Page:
Annuals Anyone ?

It’s almost that time! Time to plant hundreds and hundreds of 5” pots.  In my line of work I go through what some might call a ridiculous number of annual flowers and a waste of money each year. A yearly budget of over $6000.00 that is ripped out and thrown in the trash each fall.  I have to admit that no matter what kind or how many perennials you use,  you will not get the  dramatic, eye popping effect for the entire summer as you will  with annuals.

Living in a north eastern climate (Just north of Boston)  makes it more difficult for people to spend a large amount of money on annuals knowing that they will be throwing them out come frost time, and a winter like this,  lingering far into spring makes the annual season even shorter. Don’t get me wrong,  it is a lot of work but the outcome makes it all worth it.  These are some pictures from the last year or two.

 For  larger plantings I usually use either Begonias  or a  a variety of Impatiens that are fairly new to me called Fanfare.

gardening with annuals
Dark leaf red and light leaf white Begonias


Red is not my favorite color but with Begonias you don’t have a lot of choices. Another reason I like using Begonias is they are usually a strong plant when it comes to disease and extremely drought tolerance.  Basically red, white and pink with light and dark leaf variations are your choices unless you get into some of the cascading varieties.  I was looking for the greatest contrast with two colors and pairing the leaves with the flower color worked well. It takes some time for these plants to fill in like this, but when they do it really looks nice.


Different angle of the Begonias


The Fanfare Impatiens are just like the New Guinea but they grow over 15″-24″  tall.  They have quite the root system, so when it comes time to send them to the compost pile you might have your work cut out for you. I find that a pitch fork works best because if you try to rip them out by grabbing the stems they just snap of leaving the base and roots.


 garden of annuals
Fanfare Impatiens with Cleom in the middle less than a month after planting.


I’m sure many  have heard of the Impatiens Downy Mildew that wiped out 90% of  impatiens in the North East two summers ago. Some of the varieties are less susceptible like New Guinea, Fanfare Impatiens and SunPatiens .  Some refer to them as Impatiens on steroids that love the sun.  Most of the garden retailers I deal with won’t even sell the original shade loving impatiens anymore due to the spread of Downy mildew.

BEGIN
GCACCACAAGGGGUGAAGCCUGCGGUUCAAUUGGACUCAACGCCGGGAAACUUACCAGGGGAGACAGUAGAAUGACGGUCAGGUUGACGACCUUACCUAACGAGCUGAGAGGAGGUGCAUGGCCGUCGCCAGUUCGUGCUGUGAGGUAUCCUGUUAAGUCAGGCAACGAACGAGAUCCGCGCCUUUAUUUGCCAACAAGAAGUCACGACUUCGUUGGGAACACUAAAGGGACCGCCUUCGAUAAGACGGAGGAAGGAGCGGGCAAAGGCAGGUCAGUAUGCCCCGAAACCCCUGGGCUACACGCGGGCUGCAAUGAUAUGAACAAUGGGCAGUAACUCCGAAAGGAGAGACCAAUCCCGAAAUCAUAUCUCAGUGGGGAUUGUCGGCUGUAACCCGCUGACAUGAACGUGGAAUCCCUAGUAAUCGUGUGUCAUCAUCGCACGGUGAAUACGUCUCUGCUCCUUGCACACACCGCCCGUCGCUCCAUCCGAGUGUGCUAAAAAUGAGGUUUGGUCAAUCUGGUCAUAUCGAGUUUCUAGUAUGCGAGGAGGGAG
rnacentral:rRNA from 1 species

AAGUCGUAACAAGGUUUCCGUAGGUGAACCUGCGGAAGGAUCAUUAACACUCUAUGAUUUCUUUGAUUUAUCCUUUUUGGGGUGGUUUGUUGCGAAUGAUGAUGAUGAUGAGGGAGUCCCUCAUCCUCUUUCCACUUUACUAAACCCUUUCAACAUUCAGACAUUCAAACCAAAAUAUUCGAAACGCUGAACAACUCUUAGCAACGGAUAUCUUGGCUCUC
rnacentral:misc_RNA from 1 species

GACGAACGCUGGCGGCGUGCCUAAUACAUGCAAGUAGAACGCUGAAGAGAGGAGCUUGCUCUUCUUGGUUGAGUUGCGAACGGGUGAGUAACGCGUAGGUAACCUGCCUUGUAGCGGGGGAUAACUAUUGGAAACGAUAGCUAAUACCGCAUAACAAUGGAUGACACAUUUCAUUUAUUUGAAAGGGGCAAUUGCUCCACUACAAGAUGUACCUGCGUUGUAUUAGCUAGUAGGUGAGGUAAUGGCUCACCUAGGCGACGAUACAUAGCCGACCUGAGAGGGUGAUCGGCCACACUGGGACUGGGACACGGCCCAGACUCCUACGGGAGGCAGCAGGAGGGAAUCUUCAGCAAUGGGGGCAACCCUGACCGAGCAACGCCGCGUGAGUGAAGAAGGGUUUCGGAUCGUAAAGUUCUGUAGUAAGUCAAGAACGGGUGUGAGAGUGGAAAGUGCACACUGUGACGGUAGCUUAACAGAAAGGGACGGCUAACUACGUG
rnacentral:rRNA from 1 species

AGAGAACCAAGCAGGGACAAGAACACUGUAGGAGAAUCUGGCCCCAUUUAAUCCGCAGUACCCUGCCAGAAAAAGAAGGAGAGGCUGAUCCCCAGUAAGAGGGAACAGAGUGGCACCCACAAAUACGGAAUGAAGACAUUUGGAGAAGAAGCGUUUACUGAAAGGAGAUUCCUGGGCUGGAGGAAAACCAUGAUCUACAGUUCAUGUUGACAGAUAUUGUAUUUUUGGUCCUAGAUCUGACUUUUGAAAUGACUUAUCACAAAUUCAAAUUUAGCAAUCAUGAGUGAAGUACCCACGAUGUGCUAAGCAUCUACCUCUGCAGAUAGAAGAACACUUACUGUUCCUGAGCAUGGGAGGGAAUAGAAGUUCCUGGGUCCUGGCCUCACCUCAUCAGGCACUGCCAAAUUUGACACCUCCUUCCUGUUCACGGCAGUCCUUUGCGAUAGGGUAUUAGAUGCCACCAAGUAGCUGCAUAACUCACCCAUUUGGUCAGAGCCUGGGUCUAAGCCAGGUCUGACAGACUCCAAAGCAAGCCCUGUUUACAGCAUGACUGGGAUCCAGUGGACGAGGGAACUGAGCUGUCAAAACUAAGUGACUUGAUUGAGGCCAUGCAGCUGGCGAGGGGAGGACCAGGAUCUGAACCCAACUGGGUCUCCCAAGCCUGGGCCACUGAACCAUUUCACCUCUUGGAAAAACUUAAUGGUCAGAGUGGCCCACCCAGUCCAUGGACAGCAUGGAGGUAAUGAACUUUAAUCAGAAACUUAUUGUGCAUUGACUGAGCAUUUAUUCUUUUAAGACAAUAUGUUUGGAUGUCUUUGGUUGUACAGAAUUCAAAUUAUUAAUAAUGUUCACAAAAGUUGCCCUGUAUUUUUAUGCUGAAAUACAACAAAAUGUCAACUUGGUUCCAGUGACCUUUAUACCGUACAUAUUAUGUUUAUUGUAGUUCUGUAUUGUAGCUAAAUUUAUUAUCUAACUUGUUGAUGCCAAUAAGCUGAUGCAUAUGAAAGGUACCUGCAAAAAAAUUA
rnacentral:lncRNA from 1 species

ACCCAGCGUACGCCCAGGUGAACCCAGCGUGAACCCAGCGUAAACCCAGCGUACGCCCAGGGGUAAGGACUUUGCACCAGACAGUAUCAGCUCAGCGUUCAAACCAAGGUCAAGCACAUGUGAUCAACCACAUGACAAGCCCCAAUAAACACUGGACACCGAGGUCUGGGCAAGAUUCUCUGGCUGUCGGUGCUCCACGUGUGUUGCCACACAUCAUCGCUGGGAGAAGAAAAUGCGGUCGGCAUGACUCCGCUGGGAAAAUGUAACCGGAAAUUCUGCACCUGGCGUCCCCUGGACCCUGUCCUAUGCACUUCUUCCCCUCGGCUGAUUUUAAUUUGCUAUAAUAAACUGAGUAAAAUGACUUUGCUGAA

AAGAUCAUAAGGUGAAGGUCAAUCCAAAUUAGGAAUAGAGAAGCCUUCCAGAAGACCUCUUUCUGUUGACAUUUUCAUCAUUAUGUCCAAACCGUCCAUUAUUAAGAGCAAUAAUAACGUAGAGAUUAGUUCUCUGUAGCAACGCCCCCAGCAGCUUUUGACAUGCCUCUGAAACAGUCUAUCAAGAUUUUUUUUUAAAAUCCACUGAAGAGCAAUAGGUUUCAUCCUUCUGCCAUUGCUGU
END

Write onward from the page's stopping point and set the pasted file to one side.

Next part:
Annual flowers
When full grown these will be close to double this size.

One of my favorite places to use annuals are in large planters or window boxes.  Some of my favorites are Coleus,  Alyssum,  Lobularia , Million Bells,  Wave Petunias and many more but I won’t list them all. I also put up about fifteen 20″ hanging baskets around the property. The baskets are mixed depending on the amount of sun they get.   I used Mandevilla last year in some of the full sun baskets which looked nice climbing up the hook in middle.


Hanging Basket
Mandevilla mix  in a 20” moss hanging basket



 I try to use flowers that will bounce back if they go a little longer than they should without water. I usually change them up every year or two just try  something different.




Window Box
Dusty Miller and Petunias with Cleome in the back in a window box. My favorite colors of cleome.

 They are more work no matter how you look at it. They need more water, they need more food, they need to be removed and then repeat the whole process the next year.  Keep in mind if you’re looking for something that will stand out and be the talk of the neighborhood or maybe just to fill some spots in between perennials or  areas that need a little color throughout the season, than annuals might be just the type of flower for you. For more tips, tricks and help in the garden take a look at these.


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